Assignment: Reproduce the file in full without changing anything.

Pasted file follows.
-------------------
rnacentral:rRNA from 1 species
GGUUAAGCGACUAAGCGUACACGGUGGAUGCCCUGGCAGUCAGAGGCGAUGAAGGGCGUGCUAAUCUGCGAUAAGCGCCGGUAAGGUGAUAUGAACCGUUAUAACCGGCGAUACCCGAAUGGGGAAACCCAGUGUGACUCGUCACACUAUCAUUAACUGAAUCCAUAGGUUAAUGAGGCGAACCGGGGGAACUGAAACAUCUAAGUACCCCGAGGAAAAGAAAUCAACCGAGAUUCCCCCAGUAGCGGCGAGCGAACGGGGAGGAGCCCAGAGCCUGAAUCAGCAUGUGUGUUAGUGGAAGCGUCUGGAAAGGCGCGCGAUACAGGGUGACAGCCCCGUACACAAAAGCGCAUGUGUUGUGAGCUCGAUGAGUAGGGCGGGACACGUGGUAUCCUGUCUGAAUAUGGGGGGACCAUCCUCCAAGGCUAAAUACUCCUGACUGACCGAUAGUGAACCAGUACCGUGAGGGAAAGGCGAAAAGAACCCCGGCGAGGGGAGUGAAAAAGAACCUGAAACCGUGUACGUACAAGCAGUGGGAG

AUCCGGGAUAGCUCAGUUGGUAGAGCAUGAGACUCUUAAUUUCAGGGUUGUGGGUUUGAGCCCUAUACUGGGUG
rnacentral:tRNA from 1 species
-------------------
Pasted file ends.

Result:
rnacentral:rRNA from 1 species
GGUUAAGCGACUAAGCGUACACGGUGGAUGCCCUGGCAGUCAGAGGCGAUGAAGGGCGUGCUAAUCUGCGAUAAGCGCCGGUAAGGUGAUAUGAACCGUUAUAACCGGCGAUACCCGAAUGGGGAAACCCAGUGUGACUCGUCACACUAUCAUUAACUGAAUCCAUAGGUUAAUGAGGCGAACCGGGGGAACUGAAACAUCUAAGUACCCCGAGGAAAAGAAAUCAACCGAGAUUCCCCCAGUAGCGGCGAGCGAACGGGGAGGAGCCCAGAGCCUGAAUCAGCAUGUGUGUUAGUGGAAGCGUCUGGAAAGGCGCGCGAUACAGGGUGACAGCCCCGUACACAAAAGCGCAUGUGUUGUGAGCUCGAUGAGUAGGGCGGGACACGUGGUAUCCUGUCUGAAUAUGGGGGGACCAUCCUCCAAGGCUAAAUACUCCUGACUGACCGAUAGUGAACCAGUACCGUGAGGGAAAGGCGAAAAGAACCCCGGCGAGGGGAGUGAAAAAGAACCUGAAACCGUGUACGUACAAGCAGUGGGAG

AUCCGGGAUAGCUCAGUUGGUAGAGCAUGAGACUCUUAAUUUCAGGGUUGUGGGUUUGAGCCCUAUACUGGGUG
rnacentral:tRNA from 1 species